A group of financial officers from fifteen states joined together to send a letter to major American financial institutions promising to withdraw around $600 billion in deposits and investments if the banks collaborate to deny capital to the domestic fossil fuel industry.
The group said they would conduct an “economic boycott” by acting together in the publicly released statement led by Republican West Virginia Treasurer Riley Moore. The letter noted that although each state would take individual action based on its governing laws and regulations, the “overarching objective” will be the protection of the economies, jobs, and energy independence of each state in the group.
Joining West Virginia in signing off on the letter were financial officers from Alabama, Arizona, Arkansas, Idaho, Kentucky, Louisiana, Missouri, Nebraska, North Dakota, South Carolina, South Dakota, Texas, Utah, and Wyoming.
Moore told the Federalist that states should not put tax dollars in banks that are “trying to diminish those dollars by trying to boycott our industries,” and that woke, globalist interests are “trying to dictate to us the way we need to live our lives.”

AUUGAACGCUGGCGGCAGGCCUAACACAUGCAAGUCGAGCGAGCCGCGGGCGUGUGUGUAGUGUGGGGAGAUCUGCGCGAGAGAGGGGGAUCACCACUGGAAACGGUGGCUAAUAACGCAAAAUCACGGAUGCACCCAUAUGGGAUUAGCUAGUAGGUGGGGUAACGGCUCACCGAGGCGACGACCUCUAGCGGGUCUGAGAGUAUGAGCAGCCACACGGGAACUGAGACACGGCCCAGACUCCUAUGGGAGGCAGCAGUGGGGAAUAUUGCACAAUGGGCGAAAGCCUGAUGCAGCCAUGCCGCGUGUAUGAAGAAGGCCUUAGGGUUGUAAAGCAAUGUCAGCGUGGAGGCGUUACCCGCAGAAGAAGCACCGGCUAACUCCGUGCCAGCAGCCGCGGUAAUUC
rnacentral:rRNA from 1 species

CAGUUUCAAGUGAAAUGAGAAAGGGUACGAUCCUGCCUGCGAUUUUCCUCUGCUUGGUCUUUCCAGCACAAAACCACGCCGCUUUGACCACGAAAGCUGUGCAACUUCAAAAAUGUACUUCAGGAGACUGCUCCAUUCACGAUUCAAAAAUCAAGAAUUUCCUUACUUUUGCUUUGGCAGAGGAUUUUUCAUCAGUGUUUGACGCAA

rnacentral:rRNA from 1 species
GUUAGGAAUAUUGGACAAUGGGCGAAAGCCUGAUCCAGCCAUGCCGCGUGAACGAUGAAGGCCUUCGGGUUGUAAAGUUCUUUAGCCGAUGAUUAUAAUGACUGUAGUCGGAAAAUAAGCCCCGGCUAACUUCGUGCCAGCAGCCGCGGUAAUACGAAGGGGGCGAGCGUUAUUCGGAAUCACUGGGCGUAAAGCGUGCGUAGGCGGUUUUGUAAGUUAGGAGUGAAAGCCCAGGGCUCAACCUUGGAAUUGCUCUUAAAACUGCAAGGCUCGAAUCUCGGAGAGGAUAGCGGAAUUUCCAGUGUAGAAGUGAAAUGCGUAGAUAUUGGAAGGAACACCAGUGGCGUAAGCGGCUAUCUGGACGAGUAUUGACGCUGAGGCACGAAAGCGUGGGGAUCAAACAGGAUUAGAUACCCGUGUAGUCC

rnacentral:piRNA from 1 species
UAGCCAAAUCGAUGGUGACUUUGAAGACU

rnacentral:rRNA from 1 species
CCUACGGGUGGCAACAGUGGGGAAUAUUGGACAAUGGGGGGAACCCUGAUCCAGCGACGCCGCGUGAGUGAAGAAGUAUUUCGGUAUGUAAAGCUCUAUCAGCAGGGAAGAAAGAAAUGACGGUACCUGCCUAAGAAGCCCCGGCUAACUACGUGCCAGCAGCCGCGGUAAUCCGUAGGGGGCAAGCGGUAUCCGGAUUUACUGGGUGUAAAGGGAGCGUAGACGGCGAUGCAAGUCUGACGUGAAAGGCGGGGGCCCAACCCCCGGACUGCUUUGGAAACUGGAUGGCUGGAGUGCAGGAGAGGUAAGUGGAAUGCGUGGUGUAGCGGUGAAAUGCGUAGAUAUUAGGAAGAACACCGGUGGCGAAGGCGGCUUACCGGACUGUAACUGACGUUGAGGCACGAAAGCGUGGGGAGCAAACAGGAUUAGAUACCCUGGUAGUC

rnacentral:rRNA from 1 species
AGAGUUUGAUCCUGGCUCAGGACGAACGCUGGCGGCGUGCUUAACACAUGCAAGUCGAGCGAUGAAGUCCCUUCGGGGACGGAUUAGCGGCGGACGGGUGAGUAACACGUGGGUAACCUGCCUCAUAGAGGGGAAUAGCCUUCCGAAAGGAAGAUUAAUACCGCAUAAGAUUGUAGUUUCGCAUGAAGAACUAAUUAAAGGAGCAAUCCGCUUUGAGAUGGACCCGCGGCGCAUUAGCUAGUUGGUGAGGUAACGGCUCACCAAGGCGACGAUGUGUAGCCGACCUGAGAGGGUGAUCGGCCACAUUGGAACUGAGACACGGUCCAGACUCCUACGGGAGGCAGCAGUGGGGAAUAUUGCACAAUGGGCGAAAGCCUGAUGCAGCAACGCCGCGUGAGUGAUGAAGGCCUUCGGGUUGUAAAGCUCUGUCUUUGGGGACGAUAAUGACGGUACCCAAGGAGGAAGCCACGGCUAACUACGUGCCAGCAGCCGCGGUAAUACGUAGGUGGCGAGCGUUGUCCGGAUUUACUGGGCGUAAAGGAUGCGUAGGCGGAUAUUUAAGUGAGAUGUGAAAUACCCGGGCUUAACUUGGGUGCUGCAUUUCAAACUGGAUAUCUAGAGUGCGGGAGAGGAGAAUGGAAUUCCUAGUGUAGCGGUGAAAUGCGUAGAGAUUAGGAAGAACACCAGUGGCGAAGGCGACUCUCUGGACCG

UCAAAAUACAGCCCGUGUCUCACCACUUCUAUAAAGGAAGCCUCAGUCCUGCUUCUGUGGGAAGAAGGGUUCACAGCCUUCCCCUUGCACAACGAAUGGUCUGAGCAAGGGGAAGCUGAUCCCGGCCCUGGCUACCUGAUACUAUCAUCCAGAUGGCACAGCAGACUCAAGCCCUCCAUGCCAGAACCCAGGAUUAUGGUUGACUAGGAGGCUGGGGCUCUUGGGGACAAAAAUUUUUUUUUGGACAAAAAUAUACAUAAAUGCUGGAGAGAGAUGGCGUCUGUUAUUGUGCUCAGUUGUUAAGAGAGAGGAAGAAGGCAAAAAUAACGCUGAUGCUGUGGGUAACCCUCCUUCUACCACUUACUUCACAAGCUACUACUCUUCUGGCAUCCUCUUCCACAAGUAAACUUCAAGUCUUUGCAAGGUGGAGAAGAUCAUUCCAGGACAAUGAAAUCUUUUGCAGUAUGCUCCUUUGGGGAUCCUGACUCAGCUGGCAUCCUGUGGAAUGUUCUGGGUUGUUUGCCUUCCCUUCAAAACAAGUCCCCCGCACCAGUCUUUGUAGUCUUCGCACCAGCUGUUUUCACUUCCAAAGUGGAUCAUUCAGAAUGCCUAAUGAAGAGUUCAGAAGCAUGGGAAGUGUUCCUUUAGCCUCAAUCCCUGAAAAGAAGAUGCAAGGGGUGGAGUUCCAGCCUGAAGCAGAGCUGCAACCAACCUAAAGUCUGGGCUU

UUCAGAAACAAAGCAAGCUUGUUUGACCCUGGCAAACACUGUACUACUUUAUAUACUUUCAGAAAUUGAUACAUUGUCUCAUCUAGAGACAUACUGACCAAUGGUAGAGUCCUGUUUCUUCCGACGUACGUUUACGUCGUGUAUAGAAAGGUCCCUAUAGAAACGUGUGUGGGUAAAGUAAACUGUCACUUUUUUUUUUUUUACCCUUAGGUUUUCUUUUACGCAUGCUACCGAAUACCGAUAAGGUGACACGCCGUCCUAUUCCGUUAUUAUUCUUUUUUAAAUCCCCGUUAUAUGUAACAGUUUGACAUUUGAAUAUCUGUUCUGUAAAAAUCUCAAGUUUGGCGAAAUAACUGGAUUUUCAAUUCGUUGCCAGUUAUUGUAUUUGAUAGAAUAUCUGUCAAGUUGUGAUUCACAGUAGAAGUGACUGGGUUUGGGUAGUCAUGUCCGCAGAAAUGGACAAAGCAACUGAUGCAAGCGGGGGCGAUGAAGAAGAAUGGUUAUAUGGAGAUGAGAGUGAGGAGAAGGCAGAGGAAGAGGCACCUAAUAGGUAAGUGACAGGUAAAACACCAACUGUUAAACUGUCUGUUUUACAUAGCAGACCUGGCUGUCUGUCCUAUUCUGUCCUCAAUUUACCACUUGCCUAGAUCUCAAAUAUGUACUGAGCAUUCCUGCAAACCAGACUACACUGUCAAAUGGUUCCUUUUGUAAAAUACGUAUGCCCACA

He added that he expected that there would be additional states joining in the collective effort. He said that he believed that several want to “see how this plays out.”
As he promised to do while campaigning, Joe Biden has moved aggressively to restrict domestic energy production since assuming office. He has suspended the issuance of new production leases on federal land and stopped drilling central American reserves. The most significant blow of all might be the administration’s pressure on Wall Street and the banking industry to choke off access to capital for energy producers.
The financial officers’ letter advised banks that the taxpayers in their states would not tolerate placing public money with financial institutions bent on destroying the American economy “in the name of climate change.”
The letter said that the states have a “compelling governmental interest” in choosing depository institutions that are not actively planning to harm the people who paid the taxes producing the funds on deposit. The statement went on to say that any bank adopting such policies “has a major conflict of interest” when managing those funds.